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May 2010

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Kevin Gamble

More information is needed. You need to know which page(s) the donor is preferring to be found. The problem could be completely with those pages, and have little to do with your gj burying the content.

Eduardo Peirano

Beth, I read your twitter calling for help. Your donor can't control other sites and Google ranking. She can control her site and social network profiles and hope they become authoritative for Google. I hope it helps.



I had a similar experience. I blogged on someone whose work I admire. Perhaps because I posted it to my blogger site (which I assume gets better rankings in a google search) and because the person's name was in the title of the post and my traffic was good at that time, when her name was googled, my post pushed her stuff down.

I deleted the entire post to help her get back the rankings. My guess is that if I had left it up as time passed and she increased traffic her traffic it would have been a non-issue. However, it wasn't a reasonable solution to her. For a variety of legitimate reasons she wanted to get her rank back immediately.

It was apparent she had a really strong emotional tie to her online identity and I did not feel very strongly about the post. I respected her feelings and let it be.

I recommend you remove the text thanking her. The bots will pick up the changes and push you down over time. The other solutions you are considering are just good advice to everyone.

Nathan Ketsdever

If she has a blog that uses tagging, she can add her name to the tags.

Use other social media to leverage against it. For instance, wikipedia entries, twitter, or delicious. (Wikipedia's entry on social software has a longer list. Linked in, stumbleupon and Digg are other options) MyBlogLog and Blogcatalog (I think the later more than the former) are similarly helpful in creating name rank (especially if you use the name heading trick)

My understanding of SEO rather mediocre, but the text you link to (anchor text) is rather important to google. So for instance, if the problematic post is linked to her name, perhaps linking to "click here" would shift how google searches the page in question. Or why not change the form of her name that appears in original post. For instance, omiting her first name might help. (I don't know how long it takes for googles spiders to realize the change has taken place).

Get more reciprocal links to pages that are important to her online identity. That says folks are pointing to you in the blogosphere.

Beth Kanter

some links I'm adding here
If you removed the name, it would eventually drop out of Google. You can speed up the process a little bit by going to Google's webpage removal tool ( and tell it that part of the page has changed, and to remove the "snippet" it displays. You don't have to own the site to do that, either, since you're not removing a page. It helps too say if your blog ever gets hacked and you get drug spam, you can remove the content then go and speed up the removal of the cache of those pages.

Here is a good post to forward to that individual about how to do reputation management for yourself.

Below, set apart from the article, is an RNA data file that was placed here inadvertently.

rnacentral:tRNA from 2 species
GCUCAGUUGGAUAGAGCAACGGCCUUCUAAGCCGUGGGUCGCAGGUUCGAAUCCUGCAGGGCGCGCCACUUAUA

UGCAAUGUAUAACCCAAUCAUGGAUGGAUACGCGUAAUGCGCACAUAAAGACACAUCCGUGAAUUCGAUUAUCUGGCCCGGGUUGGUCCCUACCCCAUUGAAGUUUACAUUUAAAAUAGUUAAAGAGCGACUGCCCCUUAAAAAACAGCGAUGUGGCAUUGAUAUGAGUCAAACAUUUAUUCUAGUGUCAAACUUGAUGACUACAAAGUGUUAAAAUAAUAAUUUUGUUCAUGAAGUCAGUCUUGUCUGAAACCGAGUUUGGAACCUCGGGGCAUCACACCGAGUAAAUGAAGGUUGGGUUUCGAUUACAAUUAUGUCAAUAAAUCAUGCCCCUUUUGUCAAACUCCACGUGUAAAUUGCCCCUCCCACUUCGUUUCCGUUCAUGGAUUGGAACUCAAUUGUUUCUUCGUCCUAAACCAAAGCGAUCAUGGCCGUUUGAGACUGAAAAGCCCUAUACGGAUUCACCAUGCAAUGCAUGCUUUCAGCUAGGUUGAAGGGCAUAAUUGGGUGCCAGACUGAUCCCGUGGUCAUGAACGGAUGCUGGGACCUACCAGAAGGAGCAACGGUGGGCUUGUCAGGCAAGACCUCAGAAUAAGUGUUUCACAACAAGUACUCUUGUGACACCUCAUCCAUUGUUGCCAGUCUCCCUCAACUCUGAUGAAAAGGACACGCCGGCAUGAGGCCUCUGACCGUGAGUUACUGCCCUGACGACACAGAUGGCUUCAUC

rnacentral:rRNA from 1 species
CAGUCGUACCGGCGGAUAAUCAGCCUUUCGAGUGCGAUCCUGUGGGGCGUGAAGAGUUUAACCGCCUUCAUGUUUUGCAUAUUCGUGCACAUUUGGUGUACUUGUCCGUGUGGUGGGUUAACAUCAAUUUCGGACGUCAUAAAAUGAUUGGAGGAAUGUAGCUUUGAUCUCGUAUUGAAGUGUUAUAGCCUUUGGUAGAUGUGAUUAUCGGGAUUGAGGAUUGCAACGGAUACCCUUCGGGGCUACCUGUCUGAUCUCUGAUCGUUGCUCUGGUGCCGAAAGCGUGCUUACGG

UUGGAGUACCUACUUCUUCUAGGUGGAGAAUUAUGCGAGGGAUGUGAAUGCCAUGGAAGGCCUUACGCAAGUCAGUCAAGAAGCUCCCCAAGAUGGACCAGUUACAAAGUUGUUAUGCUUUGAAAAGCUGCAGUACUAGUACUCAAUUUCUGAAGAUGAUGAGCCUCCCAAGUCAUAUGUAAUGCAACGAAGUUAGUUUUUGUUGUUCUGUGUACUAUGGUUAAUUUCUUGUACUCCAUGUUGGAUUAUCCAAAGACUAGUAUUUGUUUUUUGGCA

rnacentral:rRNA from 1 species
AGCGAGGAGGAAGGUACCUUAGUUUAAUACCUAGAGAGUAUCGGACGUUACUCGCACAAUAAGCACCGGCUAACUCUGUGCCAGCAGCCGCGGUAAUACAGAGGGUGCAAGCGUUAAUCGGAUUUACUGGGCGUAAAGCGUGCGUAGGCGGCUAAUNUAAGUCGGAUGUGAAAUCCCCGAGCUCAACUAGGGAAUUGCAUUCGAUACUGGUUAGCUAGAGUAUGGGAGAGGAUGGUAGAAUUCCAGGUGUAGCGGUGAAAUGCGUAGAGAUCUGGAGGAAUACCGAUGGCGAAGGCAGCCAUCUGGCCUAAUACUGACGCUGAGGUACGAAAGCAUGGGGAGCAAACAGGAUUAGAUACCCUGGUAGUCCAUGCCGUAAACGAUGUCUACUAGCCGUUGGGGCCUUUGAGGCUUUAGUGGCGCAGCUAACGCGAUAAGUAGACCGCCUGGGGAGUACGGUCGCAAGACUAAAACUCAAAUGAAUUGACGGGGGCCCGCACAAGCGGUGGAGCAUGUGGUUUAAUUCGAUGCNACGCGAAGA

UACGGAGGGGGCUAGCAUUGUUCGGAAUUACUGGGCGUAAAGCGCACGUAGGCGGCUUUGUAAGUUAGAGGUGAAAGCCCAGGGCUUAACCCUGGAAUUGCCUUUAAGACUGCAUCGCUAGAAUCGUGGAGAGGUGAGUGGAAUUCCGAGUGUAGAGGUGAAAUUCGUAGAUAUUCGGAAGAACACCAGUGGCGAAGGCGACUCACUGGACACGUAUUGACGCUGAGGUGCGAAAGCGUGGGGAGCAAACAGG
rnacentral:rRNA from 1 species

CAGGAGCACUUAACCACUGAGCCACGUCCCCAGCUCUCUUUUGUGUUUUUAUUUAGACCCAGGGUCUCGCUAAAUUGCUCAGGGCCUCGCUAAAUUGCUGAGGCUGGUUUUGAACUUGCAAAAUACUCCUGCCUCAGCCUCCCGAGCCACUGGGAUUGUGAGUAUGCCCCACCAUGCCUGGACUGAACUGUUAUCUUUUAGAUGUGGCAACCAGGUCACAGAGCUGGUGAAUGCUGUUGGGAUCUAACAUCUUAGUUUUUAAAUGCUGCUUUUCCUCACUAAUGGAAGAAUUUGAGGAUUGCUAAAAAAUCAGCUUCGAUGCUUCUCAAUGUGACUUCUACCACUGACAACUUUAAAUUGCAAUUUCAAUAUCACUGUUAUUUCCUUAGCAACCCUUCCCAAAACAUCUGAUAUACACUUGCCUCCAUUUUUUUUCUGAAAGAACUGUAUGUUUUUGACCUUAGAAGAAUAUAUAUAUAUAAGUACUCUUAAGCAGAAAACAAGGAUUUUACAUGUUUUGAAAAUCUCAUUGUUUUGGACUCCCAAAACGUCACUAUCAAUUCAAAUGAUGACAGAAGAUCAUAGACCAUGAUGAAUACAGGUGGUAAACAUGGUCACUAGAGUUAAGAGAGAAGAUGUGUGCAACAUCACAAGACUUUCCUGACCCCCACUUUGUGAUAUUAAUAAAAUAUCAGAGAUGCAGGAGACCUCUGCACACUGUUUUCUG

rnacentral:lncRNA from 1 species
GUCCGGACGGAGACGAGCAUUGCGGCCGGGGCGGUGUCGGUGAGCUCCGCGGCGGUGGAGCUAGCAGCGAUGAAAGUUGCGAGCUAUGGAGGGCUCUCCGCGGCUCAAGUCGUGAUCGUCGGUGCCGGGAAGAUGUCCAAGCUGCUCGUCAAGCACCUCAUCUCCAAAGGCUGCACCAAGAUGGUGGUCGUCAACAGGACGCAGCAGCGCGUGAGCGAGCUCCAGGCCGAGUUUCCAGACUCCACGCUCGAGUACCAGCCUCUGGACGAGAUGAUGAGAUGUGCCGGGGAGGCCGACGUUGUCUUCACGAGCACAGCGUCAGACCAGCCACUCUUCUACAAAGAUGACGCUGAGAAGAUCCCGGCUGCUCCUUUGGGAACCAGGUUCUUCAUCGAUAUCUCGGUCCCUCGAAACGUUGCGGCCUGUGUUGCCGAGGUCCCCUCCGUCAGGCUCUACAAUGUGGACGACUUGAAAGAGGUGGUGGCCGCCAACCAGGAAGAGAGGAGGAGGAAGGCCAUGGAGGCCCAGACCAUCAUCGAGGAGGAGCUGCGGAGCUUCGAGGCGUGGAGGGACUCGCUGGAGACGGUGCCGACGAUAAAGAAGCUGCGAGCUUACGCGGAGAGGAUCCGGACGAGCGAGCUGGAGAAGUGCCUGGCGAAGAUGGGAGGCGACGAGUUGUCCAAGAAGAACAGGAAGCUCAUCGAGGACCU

Rachel Weidinger

Great questions Beth! Looking forward to seeing you at SXSW. In the mean time, here are some things I've learned about online donor recognition and the management of one's google results.

a.) Delete the thank you post and the donor name from the list on
my blog (I can't control the splogs)
Response: Consider removing her name only. Encourage the donor to build her own web presence. In the future, give donors a clear option to chose to have web recognition or not, and honor donor requests to be removed.

How long will it take to clear out of google?

Response: 1-3 months in my experience. Ouch.

b.) Would it also be a good idea for this person to grab the domain name with their name and set up a blog too?

Response: Absolutely grab the domain name. Only worry about setting up a blog if she'll actually blog, or consider just putting up a single bio post as a simple way to have a search result you actually want.

c.) What about also setting up a profile on linkedin and twitter and the like with the full name as the profile url?

Response: She should carefully choose to use her name on the web. We all should. As online social networks grow, change, merge, and get acquired we need to be able to anticipate and manage our online identities. It threw me for a loop when Yahoo acquired Upcoming (or was it Flickr?) and forced an un-doable account association.

If your search results are important to you (and they should be) use caution when choosing to join networks and use Google alerts to make sure nobody's using your name in ways you don't want them to. I'm also clear with friends who take photos likely to be posted online or link to my blog(s) whether or not I want my name used.

I'd love to talk more about this, feel free to ping me back. I've dug out of a few disasters. :)

Rachel Weidinger

One more thing..I've been trying to remember how to ask Google to crawl the website I just made for my mom & dad's otherwise delightfully Luddite jewelry store in Columbus.

Ah ha! Here you can request the spiders to crawl your site:

Searchboth is the first site to place google and yahoo side by side on one split screen. The web site takes the user's query and creates a browser window with two frames, with the results from Yahoo! on one side and those from google on the other. It has completely end up the hassles involved while searching different search engines at the same time.

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